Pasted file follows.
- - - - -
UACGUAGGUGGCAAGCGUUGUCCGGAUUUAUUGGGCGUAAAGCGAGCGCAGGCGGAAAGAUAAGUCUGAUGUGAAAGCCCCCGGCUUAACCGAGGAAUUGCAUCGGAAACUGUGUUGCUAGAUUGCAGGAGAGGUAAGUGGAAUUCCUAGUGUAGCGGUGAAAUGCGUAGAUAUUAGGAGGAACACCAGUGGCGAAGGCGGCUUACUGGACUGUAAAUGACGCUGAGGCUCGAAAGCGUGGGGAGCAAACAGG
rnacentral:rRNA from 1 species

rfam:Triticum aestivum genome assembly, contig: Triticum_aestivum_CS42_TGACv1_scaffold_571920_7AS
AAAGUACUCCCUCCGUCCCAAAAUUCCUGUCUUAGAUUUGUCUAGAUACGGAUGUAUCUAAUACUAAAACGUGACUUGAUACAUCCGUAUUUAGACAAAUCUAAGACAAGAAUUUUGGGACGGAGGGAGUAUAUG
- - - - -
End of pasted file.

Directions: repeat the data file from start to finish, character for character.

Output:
UACGUAGGUGGCAAGCGUUGUCCGGAUUUAUUGGGCGUAAAGCGAGCGCAGGCGGAAAGAUAAGUCUGAUGUGAAAGCCCCCGGCUUAACCGAGGAAUUGCAUCGGAAACUGUGUUGCUAGAUUGCAGGAGAGGUAAGUGGAAUUCCUAGUGUAGCGGUGAAAUGCGUAGAUAUUAGGAGGAACACCAGUGGCGAAGGCGGCUUACUGGACUGUAAAUGACGCUGAGGCUCGAAAGCGUGGGGAGCAAACAGG
rnacentral:rRNA from 1 species

rfam:Triticum aestivum genome assembly, contig: Triticum_aestivum_CS42_TGACv1_scaffold_571920_7AS
AAAGUACUCCCUCCGUCCCAAAAUUCCUGUCUUAGAUUUGUCUAGAUACGGAUGUAUCUAAUACUAAAACGUGACUUGAUACAUCCGUAUUUAGACAAAUCUAAGACAAGAAUUUUGGGACGGAGGGAGUAUAUG